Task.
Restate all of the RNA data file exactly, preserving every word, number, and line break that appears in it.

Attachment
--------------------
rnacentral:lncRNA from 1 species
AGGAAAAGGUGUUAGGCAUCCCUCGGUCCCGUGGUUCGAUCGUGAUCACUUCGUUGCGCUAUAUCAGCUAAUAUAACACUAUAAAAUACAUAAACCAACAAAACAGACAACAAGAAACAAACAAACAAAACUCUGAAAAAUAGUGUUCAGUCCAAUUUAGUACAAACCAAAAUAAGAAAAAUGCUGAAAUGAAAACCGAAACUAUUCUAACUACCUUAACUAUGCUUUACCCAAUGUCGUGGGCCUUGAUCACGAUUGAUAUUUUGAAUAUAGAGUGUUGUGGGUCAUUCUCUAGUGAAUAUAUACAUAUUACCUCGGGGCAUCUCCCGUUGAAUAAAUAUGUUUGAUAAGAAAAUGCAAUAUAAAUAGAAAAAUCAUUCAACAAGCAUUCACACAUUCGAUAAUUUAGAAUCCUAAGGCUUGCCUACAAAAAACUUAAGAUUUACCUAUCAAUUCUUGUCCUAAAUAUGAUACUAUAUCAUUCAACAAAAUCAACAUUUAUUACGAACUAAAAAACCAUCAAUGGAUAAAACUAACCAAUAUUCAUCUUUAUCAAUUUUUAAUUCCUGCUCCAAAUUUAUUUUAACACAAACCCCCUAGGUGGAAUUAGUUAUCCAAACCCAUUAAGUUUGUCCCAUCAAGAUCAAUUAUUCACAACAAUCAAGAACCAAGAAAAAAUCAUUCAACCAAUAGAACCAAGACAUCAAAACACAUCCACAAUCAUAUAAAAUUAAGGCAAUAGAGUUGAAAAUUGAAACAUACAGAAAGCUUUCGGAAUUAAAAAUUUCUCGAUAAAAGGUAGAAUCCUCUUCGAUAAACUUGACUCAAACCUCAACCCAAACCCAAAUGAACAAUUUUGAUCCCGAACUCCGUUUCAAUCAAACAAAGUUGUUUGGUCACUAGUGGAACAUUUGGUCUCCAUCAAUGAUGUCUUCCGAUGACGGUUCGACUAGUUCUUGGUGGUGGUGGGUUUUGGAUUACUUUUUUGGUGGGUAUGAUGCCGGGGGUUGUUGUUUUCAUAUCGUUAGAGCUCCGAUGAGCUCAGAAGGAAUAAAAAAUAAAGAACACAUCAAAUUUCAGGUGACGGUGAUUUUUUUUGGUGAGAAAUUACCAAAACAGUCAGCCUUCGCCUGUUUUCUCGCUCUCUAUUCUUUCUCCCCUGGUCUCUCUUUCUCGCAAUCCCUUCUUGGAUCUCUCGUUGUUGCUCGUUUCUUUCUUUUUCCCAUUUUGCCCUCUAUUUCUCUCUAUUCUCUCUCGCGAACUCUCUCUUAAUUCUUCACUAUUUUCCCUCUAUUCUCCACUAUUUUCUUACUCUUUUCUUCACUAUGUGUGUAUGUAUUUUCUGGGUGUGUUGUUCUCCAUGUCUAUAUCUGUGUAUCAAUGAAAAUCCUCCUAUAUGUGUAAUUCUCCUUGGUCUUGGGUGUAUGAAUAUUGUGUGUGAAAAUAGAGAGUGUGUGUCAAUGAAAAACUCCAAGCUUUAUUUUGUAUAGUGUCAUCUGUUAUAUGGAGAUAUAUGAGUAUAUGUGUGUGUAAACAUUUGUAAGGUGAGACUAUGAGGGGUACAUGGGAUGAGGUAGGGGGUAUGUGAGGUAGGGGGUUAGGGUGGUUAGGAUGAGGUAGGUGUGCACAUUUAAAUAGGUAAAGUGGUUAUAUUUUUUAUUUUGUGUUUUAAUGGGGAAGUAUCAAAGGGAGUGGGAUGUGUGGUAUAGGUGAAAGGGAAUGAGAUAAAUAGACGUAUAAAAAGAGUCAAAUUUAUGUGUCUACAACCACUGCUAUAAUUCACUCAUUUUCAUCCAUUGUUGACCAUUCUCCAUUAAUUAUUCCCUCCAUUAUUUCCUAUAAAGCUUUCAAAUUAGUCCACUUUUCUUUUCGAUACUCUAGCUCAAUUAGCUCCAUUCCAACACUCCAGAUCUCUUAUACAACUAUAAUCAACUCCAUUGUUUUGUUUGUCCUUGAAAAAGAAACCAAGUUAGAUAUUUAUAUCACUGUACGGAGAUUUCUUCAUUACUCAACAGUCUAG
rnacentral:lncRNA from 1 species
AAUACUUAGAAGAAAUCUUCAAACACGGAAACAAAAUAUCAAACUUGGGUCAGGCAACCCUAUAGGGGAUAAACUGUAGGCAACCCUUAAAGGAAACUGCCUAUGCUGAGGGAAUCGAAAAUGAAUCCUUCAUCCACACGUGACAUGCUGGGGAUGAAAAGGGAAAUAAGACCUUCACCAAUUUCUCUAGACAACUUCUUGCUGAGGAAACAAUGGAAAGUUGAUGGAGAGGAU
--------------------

rnacentral:lncRNA from 1 species
AGGAAAAGGUGUUAGGCAUCCCUCGGUCCCGUGGUUCGAUCGUGAUCACUUCGUUGCGCUAUAUCAGCUAAUAUAACACUAUAAAAUACAUAAACCAACAAAACAGACAACAAGAAACAAACAAACAAAACUCUGAAAAAUAGUGUUCAGUCCAAUUUAGUACAAACCAAAAUAAGAAAAAUGCUGAAAUGAAAACCGAAACUAUUCUAACUACCUUAACUAUGCUUUACCCAAUGUCGUGGGCCUUGAUCACGAUUGAUAUUUUGAAUAUAGAGUGUUGUGGGUCAUUCUCUAGUGAAUAUAUACAUAUUACCUCGGGGCAUCUCCCGUUGAAUAAAUAUGUUUGAUAAGAAAAUGCAAUAUAAAUAGAAAAAUCAUUCAACAAGCAUUCACACAUUCGAUAAUUUAGAAUCCUAAGGCUUGCCUACAAAAAACUUAAGAUUUACCUAUCAAUUCUUGUCCUAAAUAUGAUACUAUAUCAUUCAACAAAAUCAACAUUUAUUACGAACUAAAAAACCAUCAAUGGAUAAAACUAACCAAUAUUCAUCUUUAUCAAUUUUUAAUUCCUGCUCCAAAUUUAUUUUAACACAAACCCCCUAGGUGGAAUUAGUUAUCCAAACCCAUUAAGUUUGUCCCAUCAAGAUCAAUUAUUCACAACAAUCAAGAACCAAGAAAAAAUCAUUCAACCAAUAGAACCAAGACAUCAAAACACAUCCACAAUCAUAUAAAAUUAAGGCAAUAGAGUUGAAAAUUGAAACAUACAGAAAGCUUUCGGAAUUAAAAAUUUCUCGAUAAAAGGUAGAAUCCUCUUCGAUAAACUUGACUCAAACCUCAACCCAAACCCAAAUGAACAAUUUUGAUCCCGAACUCCGUUUCAAUCAAACAAAGUUGUUUGGUCACUAGUGGAACAUUUGGUCUCCAUCAAUGAUGUCUUCCGAUGACGGUUCGACUAGUUCUUGGUGGUGGUGGGUUUUGGAUUACUUUUUUGGUGGGUAUGAUGCCGGGGGUUGUUGUUUUCAUAUCGUUAGAGCUCCGAUGAGCUCAGAAGGAAUAAAAAAUAAAGAACACAUCAAAUUUCAGGUGACGGUGAUUUUUUUUGGUGAGAAAUUACCAAAACAGUCAGCCUUCGCCUGUUUUCUCGCUCUCUAUUCUUUCUCCCCUGGUCUCUCUUUCUCGCAAUCCCUUCUUGGAUCUCUCGUUGUUGCUCGUUUCUUUCUUUUUCCCAUUUUGCCCUCUAUUUCUCUCUAUUCUCUCUCGCGAACUCUCUCUUAAUUCUUCACUAUUUUCCCUCUAUUCUCCACUAUUUUCUUACUCUUUUCUUCACUAUGUGUGUAUGUAUUUUCUGGGUGUGUUGUUCUCCAUGUCUAUAUCUGUGUAUCAAUGAAAAUCCUCCUAUAUGUGUAAUUCUCCUUGGUCUUGGGUGUAUGAAUAUUGUGUGUGAAAAUAGAGAGUGUGUGUCAAUGAAAAACUCCAAGCUUUAUUUUGUAUAGUGUCAUCUGUUAUAUGGAGAUAUAUGAGUAUAUGUGUGUGUAAACAUUUGUAAGGUGAGACUAUGAGGGGUACAUGGGAUGAGGUAGGGGGUAUGUGAGGUAGGGGGUUAGGGUGGUUAGGAUGAGGUAGGUGUGCACAUUUAAAUAGGUAAAGUGGUUAUAUUUUUUAUUUUGUGUUUUAAUGGGGAAGUAUCAAAGGGAGUGGGAUGUGUGGUAUAGGUGAAAGGGAAUGAGAUAAAUAGACGUAUAAAAAGAGUCAAAUUUAUGUGUCUACAACCACUGCUAUAAUUCACUCAUUUUCAUCCAUUGUUGACCAUUCUCCAUUAAUUAUUCCCUCCAUUAUUUCCUAUAAAGCUUUCAAAUUAGUCCACUUUUCUUUUCGAUACUCUAGCUCAAUUAGCUCCAUUCCAACACUCCAGAUCUCUUAUACAACUAUAAUCAACUCCAUUGUUUUGUUUGUCCUUGAAAAAGAAACCAAGUUAGAUAUUUAUAUCACUGUACGGAGAUUUCUUCAUUACUCAACAGUCUAG
rnacentral:lncRNA from 1 species
AAUACUUAGAAGAAAUCUUCAAACACGGAAACAAAAUAUCAAACUUGGGUCAGGCAACCCUAUAGGGGAUAAACUGUAGGCAACCCUUAAAGGAAACUGCCUAUGCUGAGGGAAUCGAAAAUGAAUCCUUCAUCCACACGUGACAUGCUGGGGAUGAAAAGGGAAAUAAGACCUUCACCAAUUUCUCUAGACAACUUCUUGCUGAGGAAACAAUGGAAAGUUGAUGGAGAGGAU